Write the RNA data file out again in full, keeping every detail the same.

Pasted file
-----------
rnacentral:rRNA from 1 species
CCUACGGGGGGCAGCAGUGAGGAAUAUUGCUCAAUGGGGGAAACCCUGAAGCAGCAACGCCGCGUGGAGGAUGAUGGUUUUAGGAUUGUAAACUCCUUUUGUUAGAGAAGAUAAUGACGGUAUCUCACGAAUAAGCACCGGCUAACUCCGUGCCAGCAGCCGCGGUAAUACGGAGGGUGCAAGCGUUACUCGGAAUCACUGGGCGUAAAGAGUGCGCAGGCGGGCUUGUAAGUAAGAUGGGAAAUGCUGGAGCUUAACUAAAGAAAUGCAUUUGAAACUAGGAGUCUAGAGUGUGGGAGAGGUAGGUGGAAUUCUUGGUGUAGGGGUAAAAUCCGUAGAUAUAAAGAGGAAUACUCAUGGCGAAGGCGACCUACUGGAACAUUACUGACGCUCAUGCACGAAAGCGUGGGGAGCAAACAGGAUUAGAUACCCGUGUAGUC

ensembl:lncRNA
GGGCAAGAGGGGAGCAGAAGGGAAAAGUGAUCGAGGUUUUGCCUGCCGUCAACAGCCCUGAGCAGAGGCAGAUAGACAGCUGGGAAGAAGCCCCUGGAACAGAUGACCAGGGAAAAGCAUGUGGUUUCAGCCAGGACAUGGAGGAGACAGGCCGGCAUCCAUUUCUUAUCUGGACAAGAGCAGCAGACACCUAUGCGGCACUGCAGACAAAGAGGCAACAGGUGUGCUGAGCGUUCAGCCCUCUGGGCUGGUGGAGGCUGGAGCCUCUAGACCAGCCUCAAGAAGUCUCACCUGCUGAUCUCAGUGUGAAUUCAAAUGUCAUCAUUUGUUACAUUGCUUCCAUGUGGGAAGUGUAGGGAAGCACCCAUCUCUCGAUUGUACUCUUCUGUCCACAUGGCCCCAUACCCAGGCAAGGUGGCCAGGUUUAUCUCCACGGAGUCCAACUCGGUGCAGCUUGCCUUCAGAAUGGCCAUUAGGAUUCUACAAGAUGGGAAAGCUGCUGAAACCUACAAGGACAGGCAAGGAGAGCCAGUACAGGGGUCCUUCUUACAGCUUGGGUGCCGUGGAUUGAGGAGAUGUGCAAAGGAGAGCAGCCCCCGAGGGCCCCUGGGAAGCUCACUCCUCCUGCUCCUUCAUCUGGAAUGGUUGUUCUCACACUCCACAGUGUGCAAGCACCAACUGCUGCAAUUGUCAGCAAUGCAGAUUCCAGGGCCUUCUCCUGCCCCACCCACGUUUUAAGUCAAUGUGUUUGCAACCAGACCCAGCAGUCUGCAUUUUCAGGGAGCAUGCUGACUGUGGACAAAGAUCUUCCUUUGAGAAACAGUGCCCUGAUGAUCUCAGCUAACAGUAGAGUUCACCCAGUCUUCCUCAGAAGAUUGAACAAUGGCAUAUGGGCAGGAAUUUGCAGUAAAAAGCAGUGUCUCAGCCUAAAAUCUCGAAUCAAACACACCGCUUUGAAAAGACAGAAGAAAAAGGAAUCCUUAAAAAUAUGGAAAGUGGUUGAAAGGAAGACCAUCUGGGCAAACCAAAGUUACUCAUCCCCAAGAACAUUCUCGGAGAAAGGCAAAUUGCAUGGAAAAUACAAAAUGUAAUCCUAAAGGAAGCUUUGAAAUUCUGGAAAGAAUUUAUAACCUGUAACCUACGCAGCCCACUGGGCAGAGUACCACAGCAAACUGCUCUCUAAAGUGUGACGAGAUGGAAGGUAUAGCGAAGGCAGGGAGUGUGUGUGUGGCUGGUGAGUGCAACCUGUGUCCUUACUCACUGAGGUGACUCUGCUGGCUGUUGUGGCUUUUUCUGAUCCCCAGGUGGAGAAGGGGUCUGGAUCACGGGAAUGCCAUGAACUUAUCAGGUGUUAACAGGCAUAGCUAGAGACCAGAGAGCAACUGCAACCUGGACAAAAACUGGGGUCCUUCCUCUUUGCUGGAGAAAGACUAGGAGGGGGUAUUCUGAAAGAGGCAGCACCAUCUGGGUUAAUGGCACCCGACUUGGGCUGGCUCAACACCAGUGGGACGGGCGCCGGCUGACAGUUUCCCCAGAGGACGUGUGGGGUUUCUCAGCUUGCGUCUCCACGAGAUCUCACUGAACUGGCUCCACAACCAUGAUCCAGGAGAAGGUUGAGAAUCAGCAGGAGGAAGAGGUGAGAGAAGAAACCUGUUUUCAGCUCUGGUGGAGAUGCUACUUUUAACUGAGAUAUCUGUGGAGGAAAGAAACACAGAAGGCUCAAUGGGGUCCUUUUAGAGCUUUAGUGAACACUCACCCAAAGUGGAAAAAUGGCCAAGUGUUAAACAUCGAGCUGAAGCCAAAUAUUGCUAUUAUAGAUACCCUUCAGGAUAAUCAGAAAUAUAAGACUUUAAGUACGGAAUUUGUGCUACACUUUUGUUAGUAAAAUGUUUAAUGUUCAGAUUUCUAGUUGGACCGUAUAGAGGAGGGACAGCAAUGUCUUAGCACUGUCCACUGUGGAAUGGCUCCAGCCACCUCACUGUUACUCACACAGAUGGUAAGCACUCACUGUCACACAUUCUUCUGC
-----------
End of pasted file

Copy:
rnacentral:rRNA from 1 species
CCUACGGGGGGCAGCAGUGAGGAAUAUUGCUCAAUGGGGGAAACCCUGAAGCAGCAACGCCGCGUGGAGGAUGAUGGUUUUAGGAUUGUAAACUCCUUUUGUUAGAGAAGAUAAUGACGGUAUCUCACGAAUAAGCACCGGCUAACUCCGUGCCAGCAGCCGCGGUAAUACGGAGGGUGCAAGCGUUACUCGGAAUCACUGGGCGUAAAGAGUGCGCAGGCGGGCUUGUAAGUAAGAUGGGAAAUGCUGGAGCUUAACUAAAGAAAUGCAUUUGAAACUAGGAGUCUAGAGUGUGGGAGAGGUAGGUGGAAUUCUUGGUGUAGGGGUAAAAUCCGUAGAUAUAAAGAGGAAUACUCAUGGCGAAGGCGACCUACUGGAACAUUACUGACGCUCAUGCACGAAAGCGUGGGGAGCAAACAGGAUUAGAUACCCGUGUAGUC

ensembl:lncRNA
GGGCAAGAGGGGAGCAGAAGGGAAAAGUGAUCGAGGUUUUGCCUGCCGUCAACAGCCCUGAGCAGAGGCAGAUAGACAGCUGGGAAGAAGCCCCUGGAACAGAUGACCAGGGAAAAGCAUGUGGUUUCAGCCAGGACAUGGAGGAGACAGGCCGGCAUCCAUUUCUUAUCUGGACAAGAGCAGCAGACACCUAUGCGGCACUGCAGACAAAGAGGCAACAGGUGUGCUGAGCGUUCAGCCCUCUGGGCUGGUGGAGGCUGGAGCCUCUAGACCAGCCUCAAGAAGUCUCACCUGCUGAUCUCAGUGUGAAUUCAAAUGUCAUCAUUUGUUACAUUGCUUCCAUGUGGGAAGUGUAGGGAAGCACCCAUCUCUCGAUUGUACUCUUCUGUCCACAUGGCCCCAUACCCAGGCAAGGUGGCCAGGUUUAUCUCCACGGAGUCCAACUCGGUGCAGCUUGCCUUCAGAAUGGCCAUUAGGAUUCUACAAGAUGGGAAAGCUGCUGAAACCUACAAGGACAGGCAAGGAGAGCCAGUACAGGGGUCCUUCUUACAGCUUGGGUGCCGUGGAUUGAGGAGAUGUGCAAAGGAGAGCAGCCCCCGAGGGCCCCUGGGAAGCUCACUCCUCCUGCUCCUUCAUCUGGAAUGGUUGUUCUCACACUCCACAGUGUGCAAGCACCAACUGCUGCAAUUGUCAGCAAUGCAGAUUCCAGGGCCUUCUCCUGCCCCACCCACGUUUUAAGUCAAUGUGUUUGCAACCAGACCCAGCAGUCUGCAUUUUCAGGGAGCAUGCUGACUGUGGACAAAGAUCUUCCUUUGAGAAACAGUGCCCUGAUGAUCUCAGCUAACAGUAGAGUUCACCCAGUCUUCCUCAGAAGAUUGAACAAUGGCAUAUGGGCAGGAAUUUGCAGUAAAAAGCAGUGUCUCAGCCUAAAAUCUCGAAUCAAACACACCGCUUUGAAAAGACAGAAGAAAAAGGAAUCCUUAAAAAUAUGGAAAGUGGUUGAAAGGAAGACCAUCUGGGCAAACCAAAGUUACUCAUCCCCAAGAACAUUCUCGGAGAAAGGCAAAUUGCAUGGAAAAUACAAAAUGUAAUCCUAAAGGAAGCUUUGAAAUUCUGGAAAGAAUUUAUAACCUGUAACCUACGCAGCCCACUGGGCAGAGUACCACAGCAAACUGCUCUCUAAAGUGUGACGAGAUGGAAGGUAUAGCGAAGGCAGGGAGUGUGUGUGUGGCUGGUGAGUGCAACCUGUGUCCUUACUCACUGAGGUGACUCUGCUGGCUGUUGUGGCUUUUUCUGAUCCCCAGGUGGAGAAGGGGUCUGGAUCACGGGAAUGCCAUGAACUUAUCAGGUGUUAACAGGCAUAGCUAGAGACCAGAGAGCAACUGCAACCUGGACAAAAACUGGGGUCCUUCCUCUUUGCUGGAGAAAGACUAGGAGGGGGUAUUCUGAAAGAGGCAGCACCAUCUGGGUUAAUGGCACCCGACUUGGGCUGGCUCAACACCAGUGGGACGGGCGCCGGCUGACAGUUUCCCCAGAGGACGUGUGGGGUUUCUCAGCUUGCGUCUCCACGAGAUCUCACUGAACUGGCUCCACAACCAUGAUCCAGGAGAAGGUUGAGAAUCAGCAGGAGGAAGAGGUGAGAGAAGAAACCUGUUUUCAGCUCUGGUGGAGAUGCUACUUUUAACUGAGAUAUCUGUGGAGGAAAGAAACACAGAAGGCUCAAUGGGGUCCUUUUAGAGCUUUAGUGAACACUCACCCAAAGUGGAAAAAUGGCCAAGUGUUAAACAUCGAGCUGAAGCCAAAUAUUGCUAUUAUAGAUACCCUUCAGGAUAAUCAGAAAUAUAAGACUUUAAGUACGGAAUUUGUGCUACACUUUUGUUAGUAAAAUGUUUAAUGUUCAGAUUUCUAGUUGGACCGUAUAGAGGAGGGACAGCAAUGUCUUAGCACUGUCCACUGUGGAAUGGCUCCAGCCACCUCACUGUUACUCACACAGAUGGUAAGCACUCACUGUCACACAUUCUUCUGC